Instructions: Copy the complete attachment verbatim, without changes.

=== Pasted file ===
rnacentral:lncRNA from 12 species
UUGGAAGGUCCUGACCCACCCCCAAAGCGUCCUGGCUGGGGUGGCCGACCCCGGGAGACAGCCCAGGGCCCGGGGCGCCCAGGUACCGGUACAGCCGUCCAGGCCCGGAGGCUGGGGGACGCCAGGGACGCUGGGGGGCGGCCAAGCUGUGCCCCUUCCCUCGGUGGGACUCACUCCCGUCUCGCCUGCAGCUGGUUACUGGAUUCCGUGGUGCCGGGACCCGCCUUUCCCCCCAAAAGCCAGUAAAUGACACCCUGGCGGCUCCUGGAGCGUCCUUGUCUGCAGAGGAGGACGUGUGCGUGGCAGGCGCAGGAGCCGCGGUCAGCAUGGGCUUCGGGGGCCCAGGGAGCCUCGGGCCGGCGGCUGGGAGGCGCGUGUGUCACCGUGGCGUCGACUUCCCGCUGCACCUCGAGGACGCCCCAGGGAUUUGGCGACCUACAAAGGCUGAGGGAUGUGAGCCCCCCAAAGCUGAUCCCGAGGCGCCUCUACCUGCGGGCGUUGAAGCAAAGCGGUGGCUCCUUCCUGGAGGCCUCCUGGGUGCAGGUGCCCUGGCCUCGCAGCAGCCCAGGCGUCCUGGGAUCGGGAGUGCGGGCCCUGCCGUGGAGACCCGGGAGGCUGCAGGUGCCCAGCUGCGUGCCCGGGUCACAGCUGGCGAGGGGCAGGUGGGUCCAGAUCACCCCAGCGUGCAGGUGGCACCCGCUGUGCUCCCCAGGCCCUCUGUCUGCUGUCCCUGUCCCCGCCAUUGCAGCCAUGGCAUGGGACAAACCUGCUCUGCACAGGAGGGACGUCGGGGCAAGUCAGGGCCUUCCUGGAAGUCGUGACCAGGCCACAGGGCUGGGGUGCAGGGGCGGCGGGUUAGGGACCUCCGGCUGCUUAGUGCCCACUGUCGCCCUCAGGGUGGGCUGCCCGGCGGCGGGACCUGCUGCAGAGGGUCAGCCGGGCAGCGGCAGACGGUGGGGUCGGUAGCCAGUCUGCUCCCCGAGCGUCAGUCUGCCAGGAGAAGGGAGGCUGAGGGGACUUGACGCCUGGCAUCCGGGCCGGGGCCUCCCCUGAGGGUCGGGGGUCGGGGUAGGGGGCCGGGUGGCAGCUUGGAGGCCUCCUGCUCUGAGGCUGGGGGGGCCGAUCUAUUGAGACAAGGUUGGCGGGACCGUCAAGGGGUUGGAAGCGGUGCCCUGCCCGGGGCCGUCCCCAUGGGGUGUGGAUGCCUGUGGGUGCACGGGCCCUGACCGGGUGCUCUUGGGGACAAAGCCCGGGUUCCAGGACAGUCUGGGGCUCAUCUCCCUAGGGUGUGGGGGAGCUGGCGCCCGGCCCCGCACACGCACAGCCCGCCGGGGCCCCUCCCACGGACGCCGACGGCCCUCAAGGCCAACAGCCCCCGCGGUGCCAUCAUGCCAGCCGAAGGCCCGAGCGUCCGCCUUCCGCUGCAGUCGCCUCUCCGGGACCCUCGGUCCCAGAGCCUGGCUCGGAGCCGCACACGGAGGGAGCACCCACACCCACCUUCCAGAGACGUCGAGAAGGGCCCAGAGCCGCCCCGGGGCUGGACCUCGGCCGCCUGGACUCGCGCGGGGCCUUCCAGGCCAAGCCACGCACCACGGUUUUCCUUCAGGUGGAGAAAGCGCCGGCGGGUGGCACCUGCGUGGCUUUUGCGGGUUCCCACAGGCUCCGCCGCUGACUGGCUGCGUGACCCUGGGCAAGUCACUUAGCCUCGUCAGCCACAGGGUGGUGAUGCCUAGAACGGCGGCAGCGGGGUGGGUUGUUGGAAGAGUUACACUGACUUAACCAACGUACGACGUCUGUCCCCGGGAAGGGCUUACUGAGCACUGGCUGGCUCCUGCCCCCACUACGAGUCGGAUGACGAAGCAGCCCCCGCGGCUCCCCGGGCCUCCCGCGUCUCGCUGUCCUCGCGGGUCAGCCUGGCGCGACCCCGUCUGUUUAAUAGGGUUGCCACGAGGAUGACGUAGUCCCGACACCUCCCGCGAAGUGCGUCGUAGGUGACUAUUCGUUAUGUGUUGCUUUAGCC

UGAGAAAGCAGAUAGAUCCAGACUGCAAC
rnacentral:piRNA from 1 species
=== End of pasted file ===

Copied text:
rnacentral:lncRNA from 12 species
UUGGAAGGUCCUGACCCACCCCCAAAGCGUCCUGGCUGGGGUGGCCGACCCCGGGAGACAGCCCAGGGCCCGGGGCGCCCAGGUACCGGUACAGCCGUCCAGGCCCGGAGGCUGGGGGACGCCAGGGACGCUGGGGGGCGGCCAAGCUGUGCCCCUUCCCUCGGUGGGACUCACUCCCGUCUCGCCUGCAGCUGGUUACUGGAUUCCGUGGUGCCGGGACCCGCCUUUCCCCCCAAAAGCCAGUAAAUGACACCCUGGCGGCUCCUGGAGCGUCCUUGUCUGCAGAGGAGGACGUGUGCGUGGCAGGCGCAGGAGCCGCGGUCAGCAUGGGCUUCGGGGGCCCAGGGAGCCUCGGGCCGGCGGCUGGGAGGCGCGUGUGUCACCGUGGCGUCGACUUCCCGCUGCACCUCGAGGACGCCCCAGGGAUUUGGCGACCUACAAAGGCUGAGGGAUGUGAGCCCCCCAAAGCUGAUCCCGAGGCGCCUCUACCUGCGGGCGUUGAAGCAAAGCGGUGGCUCCUUCCUGGAGGCCUCCUGGGUGCAGGUGCCCUGGCCUCGCAGCAGCCCAGGCGUCCUGGGAUCGGGAGUGCGGGCCCUGCCGUGGAGACCCGGGAGGCUGCAGGUGCCCAGCUGCGUGCCCGGGUCACAGCUGGCGAGGGGCAGGUGGGUCCAGAUCACCCCAGCGUGCAGGUGGCACCCGCUGUGCUCCCCAGGCCCUCUGUCUGCUGUCCCUGUCCCCGCCAUUGCAGCCAUGGCAUGGGACAAACCUGCUCUGCACAGGAGGGACGUCGGGGCAAGUCAGGGCCUUCCUGGAAGUCGUGACCAGGCCACAGGGCUGGGGUGCAGGGGCGGCGGGUUAGGGACCUCCGGCUGCUUAGUGCCCACUGUCGCCCUCAGGGUGGGCUGCCCGGCGGCGGGACCUGCUGCAGAGGGUCAGCCGGGCAGCGGCAGACGGUGGGGUCGGUAGCCAGUCUGCUCCCCGAGCGUCAGUCUGCCAGGAGAAGGGAGGCUGAGGGGACUUGACGCCUGGCAUCCGGGCCGGGGCCUCCCCUGAGGGUCGGGGGUCGGGGUAGGGGGCCGGGUGGCAGCUUGGAGGCCUCCUGCUCUGAGGCUGGGGGGGCCGAUCUAUUGAGACAAGGUUGGCGGGACCGUCAAGGGGUUGGAAGCGGUGCCCUGCCCGGGGCCGUCCCCAUGGGGUGUGGAUGCCUGUGGGUGCACGGGCCCUGACCGGGUGCUCUUGGGGACAAAGCCCGGGUUCCAGGACAGUCUGGGGCUCAUCUCCCUAGGGUGUGGGGGAGCUGGCGCCCGGCCCCGCACACGCACAGCCCGCCGGGGCCCCUCCCACGGACGCCGACGGCCCUCAAGGCCAACAGCCCCCGCGGUGCCAUCAUGCCAGCCGAAGGCCCGAGCGUCCGCCUUCCGCUGCAGUCGCCUCUCCGGGACCCUCGGUCCCAGAGCCUGGCUCGGAGCCGCACACGGAGGGAGCACCCACACCCACCUUCCAGAGACGUCGAGAAGGGCCCAGAGCCGCCCCGGGGCUGGACCUCGGCCGCCUGGACUCGCGCGGGGCCUUCCAGGCCAAGCCACGCACCACGGUUUUCCUUCAGGUGGAGAAAGCGCCGGCGGGUGGCACCUGCGUGGCUUUUGCGGGUUCCCACAGGCUCCGCCGCUGACUGGCUGCGUGACCCUGGGCAAGUCACUUAGCCUCGUCAGCCACAGGGUGGUGAUGCCUAGAACGGCGGCAGCGGGGUGGGUUGUUGGAAGAGUUACACUGACUUAACCAACGUACGACGUCUGUCCCCGGGAAGGGCUUACUGAGCACUGGCUGGCUCCUGCCCCCACUACGAGUCGGAUGACGAAGCAGCCCCCGCGGCUCCCCGGGCCUCCCGCGUCUCGCUGUCCUCGCGGGUCAGCCUGGCGCGACCCCGUCUGUUUAAUAGGGUUGCCACGAGGAUGACGUAGUCCCGACACCUCCCGCGAAGUGCGUCGUAGGUGACUAUUCGUUAUGUGUUGCUUUAGCC

UGAGAAAGCAGAUAGAUCCAGACUGCAAC
rnacentral:piRNA from 1 species